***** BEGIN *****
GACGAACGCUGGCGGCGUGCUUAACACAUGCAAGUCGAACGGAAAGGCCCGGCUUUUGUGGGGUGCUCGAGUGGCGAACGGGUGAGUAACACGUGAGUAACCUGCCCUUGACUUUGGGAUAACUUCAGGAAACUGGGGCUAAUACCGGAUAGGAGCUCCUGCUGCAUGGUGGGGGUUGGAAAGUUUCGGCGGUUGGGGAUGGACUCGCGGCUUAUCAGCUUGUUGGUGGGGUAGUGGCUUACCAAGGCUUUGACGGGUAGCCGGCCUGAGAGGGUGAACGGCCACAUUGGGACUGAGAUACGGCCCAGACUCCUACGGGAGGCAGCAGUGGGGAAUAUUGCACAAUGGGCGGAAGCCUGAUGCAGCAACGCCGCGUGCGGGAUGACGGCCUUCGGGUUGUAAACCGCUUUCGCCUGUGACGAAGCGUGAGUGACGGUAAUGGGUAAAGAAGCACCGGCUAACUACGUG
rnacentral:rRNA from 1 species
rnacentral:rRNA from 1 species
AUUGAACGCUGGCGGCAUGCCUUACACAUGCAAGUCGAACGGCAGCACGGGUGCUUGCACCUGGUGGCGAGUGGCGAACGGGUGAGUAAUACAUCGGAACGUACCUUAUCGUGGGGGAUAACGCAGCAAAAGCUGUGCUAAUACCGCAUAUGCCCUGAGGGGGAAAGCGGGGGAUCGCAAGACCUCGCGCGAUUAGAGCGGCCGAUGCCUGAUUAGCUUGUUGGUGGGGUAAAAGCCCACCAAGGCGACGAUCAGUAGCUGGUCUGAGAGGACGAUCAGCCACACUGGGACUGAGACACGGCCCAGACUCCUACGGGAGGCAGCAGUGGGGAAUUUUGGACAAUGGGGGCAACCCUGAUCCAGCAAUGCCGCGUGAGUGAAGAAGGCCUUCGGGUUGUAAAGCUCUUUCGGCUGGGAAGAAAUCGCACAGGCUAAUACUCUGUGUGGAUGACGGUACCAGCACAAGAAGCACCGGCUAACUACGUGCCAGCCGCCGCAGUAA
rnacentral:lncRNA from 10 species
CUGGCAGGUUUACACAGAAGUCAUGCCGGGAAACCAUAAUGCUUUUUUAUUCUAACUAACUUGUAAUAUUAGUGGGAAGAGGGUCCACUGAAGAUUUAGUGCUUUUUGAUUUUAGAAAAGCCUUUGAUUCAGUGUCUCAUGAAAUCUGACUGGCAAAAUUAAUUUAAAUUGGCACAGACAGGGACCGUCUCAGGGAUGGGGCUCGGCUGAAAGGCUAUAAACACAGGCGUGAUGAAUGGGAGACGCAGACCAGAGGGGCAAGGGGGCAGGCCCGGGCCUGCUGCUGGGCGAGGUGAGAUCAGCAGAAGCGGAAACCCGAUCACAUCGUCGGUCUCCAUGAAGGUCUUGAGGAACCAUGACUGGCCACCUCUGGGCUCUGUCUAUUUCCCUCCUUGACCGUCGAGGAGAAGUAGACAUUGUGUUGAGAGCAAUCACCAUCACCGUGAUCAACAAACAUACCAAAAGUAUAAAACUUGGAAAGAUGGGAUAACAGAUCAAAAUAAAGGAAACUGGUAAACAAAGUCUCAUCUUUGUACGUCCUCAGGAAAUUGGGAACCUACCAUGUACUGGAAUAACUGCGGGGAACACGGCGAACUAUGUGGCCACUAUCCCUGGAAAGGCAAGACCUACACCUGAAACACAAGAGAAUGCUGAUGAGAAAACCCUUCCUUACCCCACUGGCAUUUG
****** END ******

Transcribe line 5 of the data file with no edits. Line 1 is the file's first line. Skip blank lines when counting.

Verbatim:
rnacentral:lncRNA from 10 species